NEW YORK -- Baby boomers heading into what used to be called retirement age are providing a 70-million-member market for legions of companies, entrepreneurs and cosmetic surgeons eager to capitalize on their "forever young" mindset, whether it's through wrinkle creams, face-lifts or workout regimens.
It adds up to a potential bonanza. The market research firm Global Industry Analysts projects that a boomer-fueled consumer base, "seeking to keep the dreaded signs of aging at bay," will push the U.S. market for anti-aging products from about $80 billion now to more than $114 billion by 2015.
The boomers, who grew up in a culture glamorizing youth, face an array of choices on whether and how to be part of that market.
Anti-aging enthusiasts contend that life spans can be prolonged through interventions such as hormone replacement therapy and dietary supplements. Critics, including much of the medical establishment, say many anti-aging interventions are ineffective or harmful.
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From mainstream organizations such as the National Institute on Aging, the general advice is to be a skeptical consumer on guard for possible scams involving purported anti-aging products.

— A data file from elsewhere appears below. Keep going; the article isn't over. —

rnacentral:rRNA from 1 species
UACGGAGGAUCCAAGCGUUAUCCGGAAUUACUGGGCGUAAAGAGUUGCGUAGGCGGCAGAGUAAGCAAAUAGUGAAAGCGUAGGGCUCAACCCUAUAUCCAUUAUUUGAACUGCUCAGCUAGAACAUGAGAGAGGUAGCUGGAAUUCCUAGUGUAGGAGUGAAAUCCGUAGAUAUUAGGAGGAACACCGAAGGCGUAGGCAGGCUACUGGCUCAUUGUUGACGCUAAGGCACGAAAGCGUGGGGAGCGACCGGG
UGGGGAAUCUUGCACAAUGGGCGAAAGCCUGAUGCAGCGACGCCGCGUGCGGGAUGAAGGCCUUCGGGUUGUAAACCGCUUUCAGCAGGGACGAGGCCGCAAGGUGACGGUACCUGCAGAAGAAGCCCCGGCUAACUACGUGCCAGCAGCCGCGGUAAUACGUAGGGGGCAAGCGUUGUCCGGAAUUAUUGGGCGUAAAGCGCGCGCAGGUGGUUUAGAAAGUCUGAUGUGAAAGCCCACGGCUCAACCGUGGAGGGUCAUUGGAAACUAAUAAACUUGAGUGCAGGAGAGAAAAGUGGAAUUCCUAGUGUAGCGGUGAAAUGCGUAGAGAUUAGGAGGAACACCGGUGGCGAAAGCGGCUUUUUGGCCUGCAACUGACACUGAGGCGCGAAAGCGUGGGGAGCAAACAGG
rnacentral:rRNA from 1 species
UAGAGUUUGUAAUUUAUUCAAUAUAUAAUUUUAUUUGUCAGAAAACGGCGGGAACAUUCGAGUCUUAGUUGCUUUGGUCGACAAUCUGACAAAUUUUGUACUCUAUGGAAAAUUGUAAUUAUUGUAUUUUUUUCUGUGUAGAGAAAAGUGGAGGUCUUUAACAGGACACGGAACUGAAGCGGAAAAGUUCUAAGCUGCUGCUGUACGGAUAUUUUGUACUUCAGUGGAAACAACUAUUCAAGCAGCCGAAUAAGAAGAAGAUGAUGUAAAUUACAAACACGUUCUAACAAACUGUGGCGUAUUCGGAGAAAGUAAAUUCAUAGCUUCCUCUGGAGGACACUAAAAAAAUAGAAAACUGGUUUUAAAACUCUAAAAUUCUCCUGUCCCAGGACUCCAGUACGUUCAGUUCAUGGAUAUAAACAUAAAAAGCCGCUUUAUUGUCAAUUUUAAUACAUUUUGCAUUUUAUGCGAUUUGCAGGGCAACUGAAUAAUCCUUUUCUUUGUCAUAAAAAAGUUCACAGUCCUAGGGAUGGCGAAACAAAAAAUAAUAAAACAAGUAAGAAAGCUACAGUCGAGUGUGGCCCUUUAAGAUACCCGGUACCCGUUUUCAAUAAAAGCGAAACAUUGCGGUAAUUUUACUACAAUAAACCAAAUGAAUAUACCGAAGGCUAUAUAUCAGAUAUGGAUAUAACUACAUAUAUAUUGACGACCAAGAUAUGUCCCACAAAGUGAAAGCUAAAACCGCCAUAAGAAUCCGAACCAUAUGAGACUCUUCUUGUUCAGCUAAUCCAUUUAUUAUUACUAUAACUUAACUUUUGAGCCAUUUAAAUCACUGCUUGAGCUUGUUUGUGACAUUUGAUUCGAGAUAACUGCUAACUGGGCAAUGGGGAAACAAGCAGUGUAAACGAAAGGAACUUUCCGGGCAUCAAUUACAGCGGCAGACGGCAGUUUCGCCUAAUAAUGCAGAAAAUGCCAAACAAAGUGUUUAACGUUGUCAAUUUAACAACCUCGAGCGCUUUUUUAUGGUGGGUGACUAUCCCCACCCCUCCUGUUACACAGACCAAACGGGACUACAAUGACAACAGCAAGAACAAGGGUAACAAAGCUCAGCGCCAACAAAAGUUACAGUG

"If someone is promising you today that you can slow, stop or reverse aging, they're likely trying hard to separate you from your money," said S. Jay Olshansky, a professor at the University of Illinois-Chicago's School of Public Health.
"Invest in yourself, in the simple things we know work," Olshansky said. "Get a good pair of running or walking shoes and a health club membership, and eat more fruits and vegetables."
Such advice hasn't curtailed the demand for anti-aging products, from cosmetic surgeries at $10,000 or more, human growth hormone treatment at $15,000 per year and a skin-care product called Peau Magnifique that costs $1,500 for a 28-day supply.